If Patrick Henry thought that taxation without representation was bad, he should see how bad it is with representation.
— Farmer's Almanac
If you're reading this the day that Style Weekly hits newsstands, then congratulations, it's the day after tax day. You've survived another year of fluctuations and recessions, hikes and sequesters, furlough days and brown-nosed vultures posing as politicians — all so you could hand over your hard-earned, very-much-needed blood money to the biggest, most lethal and unforgiving entity there is.
Maybe you got a fat return, or maybe you're a cash-rich and savings-poor bartender like me and many of my brethren who actually owe money. Either way, it's another year watching your sweat and tears go toward an increasingly inefficient, gridlocked, rich man's system.
You can't stop "progress."
Unfortunately, understanding the tax code is for eggheads — people unlike me. And if you're a Style Weekly loyalist and creative type, then probably unlike you too.
But hey, paying your dues is a part of everyone's responsibility to society. It's a social contract. I understand these things. Living in America is a choice that we all somewhat willingly make. What, it's not like we can just up and move. Right?
No, of course not. We're too poor.
(Although I hear that once you get past the vicious canings and strict media censorship, Singapore is lovely this time of year.)
But wait. We're too poor to afford a plane ticket and way too lazy to learn Malay. Oh well, no skin off my ass.
So while we continue to pay the government for unrepaired potholes and underpaid teachers. While we hemorrhage our savings and the few morsels of pride we have left. While we must pick up half-smoked, whore-lipstick-smeared Newports to save money. And while we eventually are forced to steal out of our 18-year-old, Virginia Commonwealth University, part-time barista girlfriend's purse. … We still must drink top-shelf hooch and live the decadent life that we've become accustomed to.
With that, I give you some tips on how to survive the annual butchery. Here, ya buncha poors. Enjoy:
• Only pay the important bills on time. Cell phone, car, rent. Nonessential B.S. like "trash pickup," public utilities, school loans and child support can wait.
• If you work downtown, start rollerblading to your place of employment. Hitch a ski line to a rich co-worker's car at the end of the day so as not to accidentally get a workout in during the dreadful uphill climb back to the Fan.
• If you do owe money, do not, under any circumstances, pay it all back in a lump sum. It's called installments. Never decimate your savings because you're scared of the tax man. This rule can apply to almost everyone you owe money to — except for your drug dealer. He wants his money now, and he isn't a man to be trifled with. Trust me.
• Marry a rich woman or man. Fill the loveless and sexless void with shopping trips and vacations to Colonial Williamsburg.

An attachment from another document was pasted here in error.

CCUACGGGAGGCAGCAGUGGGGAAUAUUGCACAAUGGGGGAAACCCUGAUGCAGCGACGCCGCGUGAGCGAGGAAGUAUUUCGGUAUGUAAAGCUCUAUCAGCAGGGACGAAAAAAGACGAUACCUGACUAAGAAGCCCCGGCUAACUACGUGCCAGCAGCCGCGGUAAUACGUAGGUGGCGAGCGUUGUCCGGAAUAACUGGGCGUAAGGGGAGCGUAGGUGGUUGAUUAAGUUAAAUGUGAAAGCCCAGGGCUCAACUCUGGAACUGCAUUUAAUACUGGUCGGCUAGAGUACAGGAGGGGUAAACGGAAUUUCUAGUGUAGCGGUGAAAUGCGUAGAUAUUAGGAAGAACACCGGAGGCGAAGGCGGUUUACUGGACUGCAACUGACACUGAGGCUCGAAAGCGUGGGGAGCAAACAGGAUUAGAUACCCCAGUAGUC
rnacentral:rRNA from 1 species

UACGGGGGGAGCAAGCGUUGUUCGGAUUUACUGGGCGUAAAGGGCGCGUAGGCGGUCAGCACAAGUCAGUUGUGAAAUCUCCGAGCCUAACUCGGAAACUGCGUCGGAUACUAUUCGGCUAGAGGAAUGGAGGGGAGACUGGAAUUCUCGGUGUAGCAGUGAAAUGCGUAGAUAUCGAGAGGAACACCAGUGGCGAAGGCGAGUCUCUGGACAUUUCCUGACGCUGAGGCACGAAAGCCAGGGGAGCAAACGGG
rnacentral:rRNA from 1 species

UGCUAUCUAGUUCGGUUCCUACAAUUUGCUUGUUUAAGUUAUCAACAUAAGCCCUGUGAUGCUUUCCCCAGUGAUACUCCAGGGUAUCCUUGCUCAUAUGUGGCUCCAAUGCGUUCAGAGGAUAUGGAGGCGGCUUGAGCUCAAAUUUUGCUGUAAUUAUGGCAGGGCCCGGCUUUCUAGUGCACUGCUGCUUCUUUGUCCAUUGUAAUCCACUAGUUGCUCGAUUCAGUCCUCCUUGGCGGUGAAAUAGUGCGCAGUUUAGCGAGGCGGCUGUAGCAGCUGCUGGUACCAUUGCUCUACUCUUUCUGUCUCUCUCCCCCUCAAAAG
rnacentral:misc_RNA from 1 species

• Inherit money from some long-ago forgotten, recluse uncle.
• Always be looking to steal toilet paper — from work, school, restaurants, port-a-johns, etc. Devote your guest bedroom to toilet-paper storage. Build forts and moon bounces with the excess TP and charge the neighborhood kids five bucks per half hour. Paying for toilet paper is a wealthy man's game, and it's a game that you don't ever have to play. There's toilet paper everywhere. You never know where a roll or two might turn up. Stay vigilant.
• Sob every night before going to bed. Curse the heavens for this predicament. Deplore the multitude of bad decisions that you've made and will continue to make. Pray for a miracle that you know deep down will never come.
• Stop paying money for music on iTunes and for services like Spotify and Pandora. Listen to more drive-time local FM radio. Wink-wink.
• Be more shameless.
• But seriously though, marry rich. Marrying for love is so 1990s.
Here's to another year of flailing about, attempting to keep our heads above water and asses out of jail. Though as John Maynard Keyes put it, "The avoidance of taxes is the only intellectual pursuit that carries any reward."
Let's go get a drink.
Carson Mariano Diaz, 32
Bar Manager, Pearl Raw Bar
The Gin Blossom
Hendricks Gin — "greatest gin ever." (Jack agrees.)
Fresh-squeezed lemon juice
Lavender simple syrup
Splash of San Pellegrino grapefruit soda
Served in a martini glass and garnished with a twist of lemon.
"I stumbled upon the gin blossom when the Richmond bar legend Dane Acton and myself were trying to make something terrible for a friend as a joke. It ended up backfiring on us and tasting really good. Now it's one of our more popular drinks at Pearl. The gin blossom is a great drink for this summer weather, plus it's light and will go well with all of Pearl's raw-bar options — crab legs, oysters, clams, mussels, etc."
— As told to Jack Lauterback
Contact Richmond bartender Jack Lauterback at firstname.lastname@example.org. Lauterback also is co-host of 103.7-FM's "River Mornings with Melissa and Jack," weekdays from 6-9 a.m. On Twitter @jackgoesforth.